WASHINGTON (Reuters) - Cigarette warning labels should cover at least half of the package’s front and back and use graphic color photos of cancer and other health effects to deter smokers, U.S. Senators said on Wednesday.
The effort was part of ongoing debate on a bill that would allow Food and Drug Administration to regulate but not ban tobacco products, a proposal supported by public health groups and the nation’s largest cigarette maker.
“Shocking messages convey the truth in no uncertain terms and have been known to have an impact,” said Wyoming Republican Sen. Mike Enzi. He put forward the amendment creating a minimum standard for regulation of the labels.
Under the original bill, the proposed FDA regulatory committee would have authority to decide what the labels say and show, and how they are placed, modifying them over time as research findings change, according to Sen. Edward Kennedy, the Massachusetts Democrat who sponsored the bill.
Kennedy chairs the Senate Health, Education, Labor and Pensions Committee, which is expected to vote on the tobacco bill on Thursday.
Enzi’s amendment, which Kennedy said he accepted, would require the agency to mandate warning labels covering at least 50 percent of the front and rear panels of the package. The labels would also have to include color images of the health consequences of smoking — including oral cancer and gangrene.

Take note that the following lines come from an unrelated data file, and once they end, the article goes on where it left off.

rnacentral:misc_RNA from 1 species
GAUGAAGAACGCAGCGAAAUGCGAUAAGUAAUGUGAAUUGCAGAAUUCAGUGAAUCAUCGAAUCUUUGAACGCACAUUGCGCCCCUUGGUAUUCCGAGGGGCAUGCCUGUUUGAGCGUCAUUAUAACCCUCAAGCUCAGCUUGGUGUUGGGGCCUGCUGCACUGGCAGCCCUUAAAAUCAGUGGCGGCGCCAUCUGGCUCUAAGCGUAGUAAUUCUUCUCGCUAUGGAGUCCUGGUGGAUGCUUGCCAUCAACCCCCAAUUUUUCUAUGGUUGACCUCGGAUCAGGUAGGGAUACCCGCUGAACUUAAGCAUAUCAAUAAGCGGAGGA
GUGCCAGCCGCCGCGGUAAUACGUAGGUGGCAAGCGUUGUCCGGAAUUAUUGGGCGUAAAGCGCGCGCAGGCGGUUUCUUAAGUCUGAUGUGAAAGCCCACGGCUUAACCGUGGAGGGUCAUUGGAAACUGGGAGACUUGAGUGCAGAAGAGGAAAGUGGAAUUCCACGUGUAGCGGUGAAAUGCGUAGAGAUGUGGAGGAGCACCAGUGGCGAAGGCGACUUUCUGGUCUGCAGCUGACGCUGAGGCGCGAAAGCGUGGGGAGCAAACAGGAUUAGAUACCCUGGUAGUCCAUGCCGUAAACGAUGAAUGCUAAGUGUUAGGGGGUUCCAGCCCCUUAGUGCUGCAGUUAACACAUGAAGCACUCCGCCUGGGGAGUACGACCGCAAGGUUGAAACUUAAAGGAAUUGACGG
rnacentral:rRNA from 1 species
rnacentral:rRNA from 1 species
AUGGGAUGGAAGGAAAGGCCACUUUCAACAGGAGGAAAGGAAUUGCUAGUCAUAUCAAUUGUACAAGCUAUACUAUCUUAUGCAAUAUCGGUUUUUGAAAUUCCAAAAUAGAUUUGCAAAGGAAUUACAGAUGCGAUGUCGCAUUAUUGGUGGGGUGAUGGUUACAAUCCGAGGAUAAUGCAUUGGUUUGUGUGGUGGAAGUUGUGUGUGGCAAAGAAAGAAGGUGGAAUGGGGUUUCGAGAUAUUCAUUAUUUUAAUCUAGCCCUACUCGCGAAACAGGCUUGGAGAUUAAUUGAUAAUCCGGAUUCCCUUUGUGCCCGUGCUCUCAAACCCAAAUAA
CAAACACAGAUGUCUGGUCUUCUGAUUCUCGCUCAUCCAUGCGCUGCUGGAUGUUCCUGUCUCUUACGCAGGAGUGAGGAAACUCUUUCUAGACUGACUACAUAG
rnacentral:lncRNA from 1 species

The black and white Surgeon General’s warnings currently found on cigarette packages were mandated by Congress in 1984, but many say they are ineffective.
“The general assessment in the public health community is that the four rotating labels have lost almost any public health benefits that they may once have had. They are seen as diluted and old, and they don’t influence smokers,” Harvard University medical historian and cigarette expert Allan Brandt said in a phone interview.
Graphic labels in countries including Canada and Brazil cover up to a full side of the pack, according to Brandt, and research has shown that they work.
“The 13-year-old is not reading the fine print. What will impact them is a picture. What will impact them is a color. What will impact them is something different than they’ve seen before,” Alaska Republican Sen. Lisa Murkowski said at Wednesday’s committee meeting.
“Any tool in our arsenal that makes people think twice about taking up tobacco shouldn’t be an option. It should be a requirement,” Enzi added.
The bill also would also give the FDA power to restrict tobacco advertising, prevent cigarette sales to minors, bar misrepresentation of tobacco’s dangers and order removal of dangerous ingredients from cigarettes.
The legislation would set standards for “reduced-risk” tobacco products, which could not be marketed as safer than regular cigarettes without FDA verification.
A similar bill has been introduced in the House.
Altria Group Inc. unit Philip Morris USA, maker of top-selling Marlboro cigarettes, supports the bill, while smaller tobacco groups such as Reynolds American Inc. oppose it.